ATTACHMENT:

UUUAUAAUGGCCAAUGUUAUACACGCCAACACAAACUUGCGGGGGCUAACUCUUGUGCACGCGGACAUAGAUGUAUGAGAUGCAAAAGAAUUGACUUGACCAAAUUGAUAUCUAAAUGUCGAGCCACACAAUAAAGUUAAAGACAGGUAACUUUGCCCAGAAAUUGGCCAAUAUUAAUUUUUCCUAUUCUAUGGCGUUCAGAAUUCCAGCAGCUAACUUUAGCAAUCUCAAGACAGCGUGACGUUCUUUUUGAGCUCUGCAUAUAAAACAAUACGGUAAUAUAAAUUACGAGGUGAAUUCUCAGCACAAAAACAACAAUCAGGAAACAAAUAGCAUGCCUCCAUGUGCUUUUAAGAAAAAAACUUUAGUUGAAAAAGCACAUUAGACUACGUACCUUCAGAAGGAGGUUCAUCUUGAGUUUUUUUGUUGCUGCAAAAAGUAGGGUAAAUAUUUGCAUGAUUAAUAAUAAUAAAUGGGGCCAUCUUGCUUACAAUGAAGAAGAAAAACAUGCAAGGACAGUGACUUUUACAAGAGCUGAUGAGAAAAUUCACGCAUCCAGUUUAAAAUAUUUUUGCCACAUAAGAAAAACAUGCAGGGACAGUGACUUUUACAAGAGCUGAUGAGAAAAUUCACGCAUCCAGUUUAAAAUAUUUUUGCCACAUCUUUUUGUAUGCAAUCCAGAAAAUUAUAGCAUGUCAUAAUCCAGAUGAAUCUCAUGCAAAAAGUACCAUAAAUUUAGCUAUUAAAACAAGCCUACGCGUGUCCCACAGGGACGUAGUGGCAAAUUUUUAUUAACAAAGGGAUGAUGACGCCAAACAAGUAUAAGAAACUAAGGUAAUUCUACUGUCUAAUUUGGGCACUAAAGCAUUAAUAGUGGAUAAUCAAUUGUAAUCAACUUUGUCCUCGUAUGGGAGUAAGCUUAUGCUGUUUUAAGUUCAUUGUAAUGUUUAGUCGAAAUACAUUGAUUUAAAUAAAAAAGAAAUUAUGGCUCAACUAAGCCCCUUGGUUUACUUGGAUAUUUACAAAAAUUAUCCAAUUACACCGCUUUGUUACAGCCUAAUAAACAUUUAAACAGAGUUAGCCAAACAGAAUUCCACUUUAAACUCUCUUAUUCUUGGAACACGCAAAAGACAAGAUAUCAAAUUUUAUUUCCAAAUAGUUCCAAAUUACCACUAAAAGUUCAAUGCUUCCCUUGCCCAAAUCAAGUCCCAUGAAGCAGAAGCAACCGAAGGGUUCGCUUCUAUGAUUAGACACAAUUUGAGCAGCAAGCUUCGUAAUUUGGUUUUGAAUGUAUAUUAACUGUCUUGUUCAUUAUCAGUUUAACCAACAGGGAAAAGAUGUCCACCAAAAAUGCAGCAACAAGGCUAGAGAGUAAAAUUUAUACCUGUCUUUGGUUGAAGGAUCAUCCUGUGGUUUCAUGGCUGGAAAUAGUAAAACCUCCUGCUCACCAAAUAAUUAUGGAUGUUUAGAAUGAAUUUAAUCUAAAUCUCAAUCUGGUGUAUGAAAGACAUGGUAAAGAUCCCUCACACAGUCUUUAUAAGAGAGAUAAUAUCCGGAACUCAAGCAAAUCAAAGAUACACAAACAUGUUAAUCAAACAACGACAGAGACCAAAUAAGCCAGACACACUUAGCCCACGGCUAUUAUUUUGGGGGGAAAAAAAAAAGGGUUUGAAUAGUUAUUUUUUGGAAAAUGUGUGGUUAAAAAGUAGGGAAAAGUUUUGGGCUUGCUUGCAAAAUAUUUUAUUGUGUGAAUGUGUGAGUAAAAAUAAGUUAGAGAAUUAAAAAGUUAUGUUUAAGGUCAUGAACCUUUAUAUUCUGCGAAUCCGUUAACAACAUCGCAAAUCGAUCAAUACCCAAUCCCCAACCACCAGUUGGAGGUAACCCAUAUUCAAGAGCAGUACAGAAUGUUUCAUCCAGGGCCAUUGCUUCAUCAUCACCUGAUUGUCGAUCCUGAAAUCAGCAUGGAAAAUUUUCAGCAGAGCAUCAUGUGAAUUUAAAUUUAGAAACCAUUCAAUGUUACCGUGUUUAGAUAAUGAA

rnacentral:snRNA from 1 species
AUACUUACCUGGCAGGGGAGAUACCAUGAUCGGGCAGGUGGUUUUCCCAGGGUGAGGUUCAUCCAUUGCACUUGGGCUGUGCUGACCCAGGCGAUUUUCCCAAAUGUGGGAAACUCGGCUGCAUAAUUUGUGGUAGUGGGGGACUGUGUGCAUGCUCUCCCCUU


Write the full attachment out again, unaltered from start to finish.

UUUAUAAUGGCCAAUGUUAUACACGCCAACACAAACUUGCGGGGGCUAACUCUUGUGCACGCGGACAUAGAUGUAUGAGAUGCAAAAGAAUUGACUUGACCAAAUUGAUAUCUAAAUGUCGAGCCACACAAUAAAGUUAAAGACAGGUAACUUUGCCCAGAAAUUGGCCAAUAUUAAUUUUUCCUAUUCUAUGGCGUUCAGAAUUCCAGCAGCUAACUUUAGCAAUCUCAAGACAGCGUGACGUUCUUUUUGAGCUCUGCAUAUAAAACAAUACGGUAAUAUAAAUUACGAGGUGAAUUCUCAGCACAAAAACAACAAUCAGGAAACAAAUAGCAUGCCUCCAUGUGCUUUUAAGAAAAAAACUUUAGUUGAAAAAGCACAUUAGACUACGUACCUUCAGAAGGAGGUUCAUCUUGAGUUUUUUUGUUGCUGCAAAAAGUAGGGUAAAUAUUUGCAUGAUUAAUAAUAAUAAAUGGGGCCAUCUUGCUUACAAUGAAGAAGAAAAACAUGCAAGGACAGUGACUUUUACAAGAGCUGAUGAGAAAAUUCACGCAUCCAGUUUAAAAUAUUUUUGCCACAUAAGAAAAACAUGCAGGGACAGUGACUUUUACAAGAGCUGAUGAGAAAAUUCACGCAUCCAGUUUAAAAUAUUUUUGCCACAUCUUUUUGUAUGCAAUCCAGAAAAUUAUAGCAUGUCAUAAUCCAGAUGAAUCUCAUGCAAAAAGUACCAUAAAUUUAGCUAUUAAAACAAGCCUACGCGUGUCCCACAGGGACGUAGUGGCAAAUUUUUAUUAACAAAGGGAUGAUGACGCCAAACAAGUAUAAGAAACUAAGGUAAUUCUACUGUCUAAUUUGGGCACUAAAGCAUUAAUAGUGGAUAAUCAAUUGUAAUCAACUUUGUCCUCGUAUGGGAGUAAGCUUAUGCUGUUUUAAGUUCAUUGUAAUGUUUAGUCGAAAUACAUUGAUUUAAAUAAAAAAGAAAUUAUGGCUCAACUAAGCCCCUUGGUUUACUUGGAUAUUUACAAAAAUUAUCCAAUUACACCGCUUUGUUACAGCCUAAUAAACAUUUAAACAGAGUUAGCCAAACAGAAUUCCACUUUAAACUCUCUUAUUCUUGGAACACGCAAAAGACAAGAUAUCAAAUUUUAUUUCCAAAUAGUUCCAAAUUACCACUAAAAGUUCAAUGCUUCCCUUGCCCAAAUCAAGUCCCAUGAAGCAGAAGCAACCGAAGGGUUCGCUUCUAUGAUUAGACACAAUUUGAGCAGCAAGCUUCGUAAUUUGGUUUUGAAUGUAUAUUAACUGUCUUGUUCAUUAUCAGUUUAACCAACAGGGAAAAGAUGUCCACCAAAAAUGCAGCAACAAGGCUAGAGAGUAAAAUUUAUACCUGUCUUUGGUUGAAGGAUCAUCCUGUGGUUUCAUGGCUGGAAAUAGUAAAACCUCCUGCUCACCAAAUAAUUAUGGAUGUUUAGAAUGAAUUUAAUCUAAAUCUCAAUCUGGUGUAUGAAAGACAUGGUAAAGAUCCCUCACACAGUCUUUAUAAGAGAGAUAAUAUCCGGAACUCAAGCAAAUCAAAGAUACACAAACAUGUUAAUCAAACAACGACAGAGACCAAAUAAGCCAGACACACUUAGCCCACGGCUAUUAUUUUGGGGGGAAAAAAAAAAGGGUUUGAAUAGUUAUUUUUUGGAAAAUGUGUGGUUAAAAAGUAGGGAAAAGUUUUGGGCUUGCUUGCAAAAUAUUUUAUUGUGUGAAUGUGUGAGUAAAAAUAAGUUAGAGAAUUAAAAAGUUAUGUUUAAGGUCAUGAACCUUUAUAUUCUGCGAAUCCGUUAACAACAUCGCAAAUCGAUCAAUACCCAAUCCCCAACCACCAGUUGGAGGUAACCCAUAUUCAAGAGCAGUACAGAAUGUUUCAUCCAGGGCCAUUGCUUCAUCAUCACCUGAUUGUCGAUCCUGAAAUCAGCAUGGAAAAUUUUCAGCAGAGCAUCAUGUGAAUUUAAAUUUAGAAACCAUUCAAUGUUACCGUGUUUAGAUAAUGAA

rnacentral:snRNA from 1 species
AUACUUACCUGGCAGGGGAGAUACCAUGAUCGGGCAGGUGGUUUUCCCAGGGUGAGGUUCAUCCAUUGCACUUGGGCUGUGCUGACCCAGGCGAUUUUCCCAAAUGUGGGAAACUCGGCUGCAUAAUUUGUGGUAGUGGGGGACUGUGUGCAUGCUCUCCCCUU